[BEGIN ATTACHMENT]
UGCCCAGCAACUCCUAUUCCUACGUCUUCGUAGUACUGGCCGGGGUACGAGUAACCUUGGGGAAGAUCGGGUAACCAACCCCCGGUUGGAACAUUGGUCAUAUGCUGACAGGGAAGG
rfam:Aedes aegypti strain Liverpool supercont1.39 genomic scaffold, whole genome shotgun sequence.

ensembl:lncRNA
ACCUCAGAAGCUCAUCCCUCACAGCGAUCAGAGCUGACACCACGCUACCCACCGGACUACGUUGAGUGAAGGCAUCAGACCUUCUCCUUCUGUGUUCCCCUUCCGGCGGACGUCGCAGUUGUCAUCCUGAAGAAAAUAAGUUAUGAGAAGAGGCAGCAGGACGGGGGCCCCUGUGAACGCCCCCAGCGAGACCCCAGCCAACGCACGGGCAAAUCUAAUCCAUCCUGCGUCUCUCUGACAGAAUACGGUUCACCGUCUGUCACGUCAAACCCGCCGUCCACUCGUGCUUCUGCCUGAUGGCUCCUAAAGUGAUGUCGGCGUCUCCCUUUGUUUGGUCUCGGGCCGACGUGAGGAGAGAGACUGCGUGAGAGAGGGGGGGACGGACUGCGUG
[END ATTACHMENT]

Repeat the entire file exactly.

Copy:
UGCCCAGCAACUCCUAUUCCUACGUCUUCGUAGUACUGGCCGGGGUACGAGUAACCUUGGGGAAGAUCGGGUAACCAACCCCCGGUUGGAACAUUGGUCAUAUGCUGACAGGGAAGG
rfam:Aedes aegypti strain Liverpool supercont1.39 genomic scaffold, whole genome shotgun sequence.

ensembl:lncRNA
ACCUCAGAAGCUCAUCCCUCACAGCGAUCAGAGCUGACACCACGCUACCCACCGGACUACGUUGAGUGAAGGCAUCAGACCUUCUCCUUCUGUGUUCCCCUUCCGGCGGACGUCGCAGUUGUCAUCCUGAAGAAAAUAAGUUAUGAGAAGAGGCAGCAGGACGGGGGCCCCUGUGAACGCCCCCAGCGAGACCCCAGCCAACGCACGGGCAAAUCUAAUCCAUCCUGCGUCUCUCUGACAGAAUACGGUUCACCGUCUGUCACGUCAAACCCGCCGUCCACUCGUGCUUCUGCCUGAUGGCUCCUAAAGUGAUGUCGGCGUCUCCCUUUGUUUGGUCUCGGGCCGACGUGAGGAGAGAGACUGCGUGAGAGAGGGGGGGACGGACUGCGUG